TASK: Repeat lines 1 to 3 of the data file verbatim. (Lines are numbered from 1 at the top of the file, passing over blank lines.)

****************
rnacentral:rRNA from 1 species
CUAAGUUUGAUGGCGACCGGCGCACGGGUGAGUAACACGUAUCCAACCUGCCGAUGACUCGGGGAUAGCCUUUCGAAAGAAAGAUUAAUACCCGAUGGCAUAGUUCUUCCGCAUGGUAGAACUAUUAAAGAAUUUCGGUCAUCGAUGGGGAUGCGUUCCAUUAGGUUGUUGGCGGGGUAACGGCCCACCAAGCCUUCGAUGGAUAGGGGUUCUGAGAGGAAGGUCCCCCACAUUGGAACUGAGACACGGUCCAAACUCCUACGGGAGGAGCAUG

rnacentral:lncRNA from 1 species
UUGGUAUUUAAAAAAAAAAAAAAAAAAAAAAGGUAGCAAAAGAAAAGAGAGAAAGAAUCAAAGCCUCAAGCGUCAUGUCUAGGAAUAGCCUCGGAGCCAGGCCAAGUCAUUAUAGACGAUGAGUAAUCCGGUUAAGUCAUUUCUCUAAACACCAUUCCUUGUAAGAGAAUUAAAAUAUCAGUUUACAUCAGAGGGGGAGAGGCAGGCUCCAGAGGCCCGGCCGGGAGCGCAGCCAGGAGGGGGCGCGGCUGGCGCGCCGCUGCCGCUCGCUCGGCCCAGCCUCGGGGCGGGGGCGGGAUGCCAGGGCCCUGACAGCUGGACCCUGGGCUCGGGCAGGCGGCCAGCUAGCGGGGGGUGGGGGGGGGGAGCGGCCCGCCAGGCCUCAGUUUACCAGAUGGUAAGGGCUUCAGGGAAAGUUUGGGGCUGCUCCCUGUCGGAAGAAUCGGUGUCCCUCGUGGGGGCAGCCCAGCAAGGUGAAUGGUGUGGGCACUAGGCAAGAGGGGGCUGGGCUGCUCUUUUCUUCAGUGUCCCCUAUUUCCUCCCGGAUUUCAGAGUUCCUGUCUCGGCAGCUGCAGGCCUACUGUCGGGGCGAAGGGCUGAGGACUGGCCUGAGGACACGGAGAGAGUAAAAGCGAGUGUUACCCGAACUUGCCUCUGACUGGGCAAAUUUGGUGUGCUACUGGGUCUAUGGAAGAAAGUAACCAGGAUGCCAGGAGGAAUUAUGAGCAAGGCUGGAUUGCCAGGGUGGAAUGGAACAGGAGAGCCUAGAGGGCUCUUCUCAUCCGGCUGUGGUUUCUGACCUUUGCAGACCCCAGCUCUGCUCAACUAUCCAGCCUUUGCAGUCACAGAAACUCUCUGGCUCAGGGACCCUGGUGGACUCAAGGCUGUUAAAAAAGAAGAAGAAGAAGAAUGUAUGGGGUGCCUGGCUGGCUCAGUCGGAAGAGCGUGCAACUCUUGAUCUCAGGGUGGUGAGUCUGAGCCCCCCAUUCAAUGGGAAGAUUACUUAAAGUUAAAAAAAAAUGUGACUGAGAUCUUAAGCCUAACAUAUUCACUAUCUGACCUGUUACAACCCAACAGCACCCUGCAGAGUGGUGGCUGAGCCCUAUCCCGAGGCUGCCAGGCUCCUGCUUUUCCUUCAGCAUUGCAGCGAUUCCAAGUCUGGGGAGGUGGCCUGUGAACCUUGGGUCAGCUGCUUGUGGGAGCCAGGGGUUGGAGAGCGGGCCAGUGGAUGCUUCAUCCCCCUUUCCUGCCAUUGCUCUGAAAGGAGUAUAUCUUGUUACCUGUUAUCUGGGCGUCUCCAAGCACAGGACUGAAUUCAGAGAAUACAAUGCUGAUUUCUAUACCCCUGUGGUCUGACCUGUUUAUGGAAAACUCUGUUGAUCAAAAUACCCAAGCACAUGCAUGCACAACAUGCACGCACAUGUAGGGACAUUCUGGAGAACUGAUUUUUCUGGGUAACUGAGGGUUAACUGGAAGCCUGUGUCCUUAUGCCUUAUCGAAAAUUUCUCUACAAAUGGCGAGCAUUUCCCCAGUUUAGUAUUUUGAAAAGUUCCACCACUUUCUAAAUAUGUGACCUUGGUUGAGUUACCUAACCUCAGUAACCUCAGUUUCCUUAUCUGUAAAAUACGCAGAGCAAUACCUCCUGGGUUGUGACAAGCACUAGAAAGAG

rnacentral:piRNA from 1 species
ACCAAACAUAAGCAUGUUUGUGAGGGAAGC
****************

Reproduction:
rnacentral:rRNA from 1 species
CUAAGUUUGAUGGCGACCGGCGCACGGGUGAGUAACACGUAUCCAACCUGCCGAUGACUCGGGGAUAGCCUUUCGAAAGAAAGAUUAAUACCCGAUGGCAUAGUUCUUCCGCAUGGUAGAACUAUUAAAGAAUUUCGGUCAUCGAUGGGGAUGCGUUCCAUUAGGUUGUUGGCGGGGUAACGGCCCACCAAGCCUUCGAUGGAUAGGGGUUCUGAGAGGAAGGUCCCCCACAUUGGAACUGAGACACGGUCCAAACUCCUACGGGAGGAGCAUG

rnacentral:lncRNA from 1 species